de-local-feb.jpgAt the house we aim to eat a fair bit of local foods which isn’t always so easy in the winter. We shop at the nearby Dufferin Grove Farmers Market where the selection has whittled down to potatoes, beets, cabbage, onions, squash, leeks, turnips, shiitake mushrooms, celery root, carrots, apples, fresh baked bread from the brick ovens, and baby greens from a greenhouse. That last item turns out to be not necessarily the best choice for the environment. Greenhouses often require large amounts of energy for heating and lighting. See previous article.

Many of these items were harvested a couple of months ago, but hearty roots, cabbage, squash and apples are technically still in season since they are easily stored.

Does the food you eat involve burning dirty fuel?

Eat local, seasonal and low on the food chain to minimize climate chaos gas emissions

 According to a UN study reported in the Guardian, climate change emissions from shipping amount to 1.12 billion tonnes of CO2 a year, or nearly 4.5% of all global emissions of the main greenhouse gas. This is almost three times higher than previously believed. Ships exploit a ready supply of the world’s cheapest, most polluting “bunker” fuel. Marine heavy fuel oil, which is burned by all large ships, is the residue of the world’s oil refineries. It is as thick as tar. Burning the stuff also releases alarming levels of cancer-causing air pollution (see pdf graphic). The industry has grown rapidly – to the point where it now carries more than 90% of the world’s trade by volume[image: part of a world map showing particulate pollution from shipping. Click on the pdf link to see full map.], and has tripled its tonnage carried since 1970. Cargoes also have to travel further due to a shift of production away from the US and Europe to China and south Asia.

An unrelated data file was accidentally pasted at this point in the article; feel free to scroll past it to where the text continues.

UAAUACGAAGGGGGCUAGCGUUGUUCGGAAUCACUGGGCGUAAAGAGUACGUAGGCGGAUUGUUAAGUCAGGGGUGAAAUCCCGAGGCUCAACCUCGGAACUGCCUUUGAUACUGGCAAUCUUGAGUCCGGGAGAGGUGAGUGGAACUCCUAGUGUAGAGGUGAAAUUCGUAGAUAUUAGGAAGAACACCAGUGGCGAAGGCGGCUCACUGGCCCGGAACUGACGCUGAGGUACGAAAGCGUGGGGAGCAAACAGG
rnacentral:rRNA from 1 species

“Food imports from China have exploded over the past decade, rising nearly 300% to more than $705 million last year,” says a May article in the Toronto Star that cites Statistics Canada. China is now Canada’s fifth largest supplier of fresh fruits and vegetables. Another big category is fish and seafood. At the Toronto Food Terminal, Chinese peas sell for ten dollars a case. A vegetable wholesaler told the Star, “In Canada you couldn’t do it for that price if everybody worked for free!” There is the risk of Canadian farmers being priced out of existence.

On a positive note, sea-freight emissions are much less than if you were to ship the same weight by airplane. The aviation industry is responsible for about 650 million tonnes of CO2 emissions a year. And due to their huge cargoes, ships are usually more efficient than trucks, and you don’t have to build highways.

Local foods not always best